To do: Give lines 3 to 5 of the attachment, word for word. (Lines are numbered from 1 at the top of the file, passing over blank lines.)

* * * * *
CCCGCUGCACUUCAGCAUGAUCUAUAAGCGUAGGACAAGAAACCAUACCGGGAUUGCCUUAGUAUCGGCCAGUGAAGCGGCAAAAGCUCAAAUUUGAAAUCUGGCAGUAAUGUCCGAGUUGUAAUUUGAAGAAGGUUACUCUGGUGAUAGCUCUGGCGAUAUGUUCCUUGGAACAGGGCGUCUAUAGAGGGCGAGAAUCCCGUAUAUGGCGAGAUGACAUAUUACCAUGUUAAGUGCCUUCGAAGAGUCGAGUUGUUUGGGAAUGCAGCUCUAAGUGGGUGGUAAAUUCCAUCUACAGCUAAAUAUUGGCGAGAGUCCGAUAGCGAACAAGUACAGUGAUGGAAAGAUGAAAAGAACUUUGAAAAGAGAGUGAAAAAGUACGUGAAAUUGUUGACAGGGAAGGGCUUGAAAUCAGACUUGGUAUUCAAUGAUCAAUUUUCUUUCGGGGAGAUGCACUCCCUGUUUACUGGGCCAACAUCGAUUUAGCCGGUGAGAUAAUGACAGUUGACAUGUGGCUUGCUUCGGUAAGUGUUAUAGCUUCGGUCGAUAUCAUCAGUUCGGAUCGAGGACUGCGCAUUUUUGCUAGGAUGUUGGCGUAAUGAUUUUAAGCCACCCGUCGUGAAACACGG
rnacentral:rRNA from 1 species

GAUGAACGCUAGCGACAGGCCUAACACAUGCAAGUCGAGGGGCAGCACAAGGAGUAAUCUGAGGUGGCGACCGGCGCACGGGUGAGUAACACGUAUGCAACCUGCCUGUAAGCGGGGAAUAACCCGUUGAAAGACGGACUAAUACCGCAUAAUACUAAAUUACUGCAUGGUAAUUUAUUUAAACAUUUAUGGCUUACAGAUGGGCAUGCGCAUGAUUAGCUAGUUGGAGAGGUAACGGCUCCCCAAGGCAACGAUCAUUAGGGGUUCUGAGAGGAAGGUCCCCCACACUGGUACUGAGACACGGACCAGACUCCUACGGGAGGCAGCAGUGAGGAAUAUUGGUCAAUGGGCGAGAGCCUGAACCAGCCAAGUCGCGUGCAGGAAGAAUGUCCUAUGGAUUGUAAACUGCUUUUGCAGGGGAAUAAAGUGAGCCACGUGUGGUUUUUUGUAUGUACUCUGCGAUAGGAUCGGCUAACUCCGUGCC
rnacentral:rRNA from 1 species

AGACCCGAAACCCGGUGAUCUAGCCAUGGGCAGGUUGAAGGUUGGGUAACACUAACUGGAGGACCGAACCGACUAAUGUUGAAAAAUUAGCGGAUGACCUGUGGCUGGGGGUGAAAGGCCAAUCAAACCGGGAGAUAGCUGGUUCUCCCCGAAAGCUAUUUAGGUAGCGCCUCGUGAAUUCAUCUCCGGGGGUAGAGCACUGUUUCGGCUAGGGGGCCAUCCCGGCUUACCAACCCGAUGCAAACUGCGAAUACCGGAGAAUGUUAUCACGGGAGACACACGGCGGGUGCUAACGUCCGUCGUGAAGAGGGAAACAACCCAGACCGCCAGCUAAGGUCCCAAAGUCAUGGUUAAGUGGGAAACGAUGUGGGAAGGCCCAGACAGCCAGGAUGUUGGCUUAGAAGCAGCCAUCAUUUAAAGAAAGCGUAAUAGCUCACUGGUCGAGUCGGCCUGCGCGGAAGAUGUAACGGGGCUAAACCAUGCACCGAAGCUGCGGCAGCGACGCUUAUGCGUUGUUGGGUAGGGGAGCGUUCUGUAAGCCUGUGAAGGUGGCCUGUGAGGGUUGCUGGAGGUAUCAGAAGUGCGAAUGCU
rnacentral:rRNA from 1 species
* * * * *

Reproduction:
GAUGAACGCUAGCGACAGGCCUAACACAUGCAAGUCGAGGGGCAGCACAAGGAGUAAUCUGAGGUGGCGACCGGCGCACGGGUGAGUAACACGUAUGCAACCUGCCUGUAAGCGGGGAAUAACCCGUUGAAAGACGGACUAAUACCGCAUAAUACUAAAUUACUGCAUGGUAAUUUAUUUAAACAUUUAUGGCUUACAGAUGGGCAUGCGCAUGAUUAGCUAGUUGGAGAGGUAACGGCUCCCCAAGGCAACGAUCAUUAGGGGUUCUGAGAGGAAGGUCCCCCACACUGGUACUGAGACACGGACCAGACUCCUACGGGAGGCAGCAGUGAGGAAUAUUGGUCAAUGGGCGAGAGCCUGAACCAGCCAAGUCGCGUGCAGGAAGAAUGUCCUAUGGAUUGUAAACUGCUUUUGCAGGGGAAUAAAGUGAGCCACGUGUGGUUUUUUGUAUGUACUCUGCGAUAGGAUCGGCUAACUCCGUGCC
rnacentral:rRNA from 1 species

AGACCCGAAACCCGGUGAUCUAGCCAUGGGCAGGUUGAAGGUUGGGUAACACUAACUGGAGGACCGAACCGACUAAUGUUGAAAAAUUAGCGGAUGACCUGUGGCUGGGGGUGAAAGGCCAAUCAAACCGGGAGAUAGCUGGUUCUCCCCGAAAGCUAUUUAGGUAGCGCCUCGUGAAUUCAUCUCCGGGGGUAGAGCACUGUUUCGGCUAGGGGGCCAUCCCGGCUUACCAACCCGAUGCAAACUGCGAAUACCGGAGAAUGUUAUCACGGGAGACACACGGCGGGUGCUAACGUCCGUCGUGAAGAGGGAAACAACCCAGACCGCCAGCUAAGGUCCCAAAGUCAUGGUUAAGUGGGAAACGAUGUGGGAAGGCCCAGACAGCCAGGAUGUUGGCUUAGAAGCAGCCAUCAUUUAAAGAAAGCGUAAUAGCUCACUGGUCGAGUCGGCCUGCGCGGAAGAUGUAACGGGGCUAAACCAUGCACCGAAGCUGCGGCAGCGACGCUUAUGCGUUGUUGGGUAGGGGAGCGUUCUGUAAGCCUGUGAAGGUGGCCUGUGAGGGUUGCUGGAGGUAUCAGAAGUGCGAAUGCU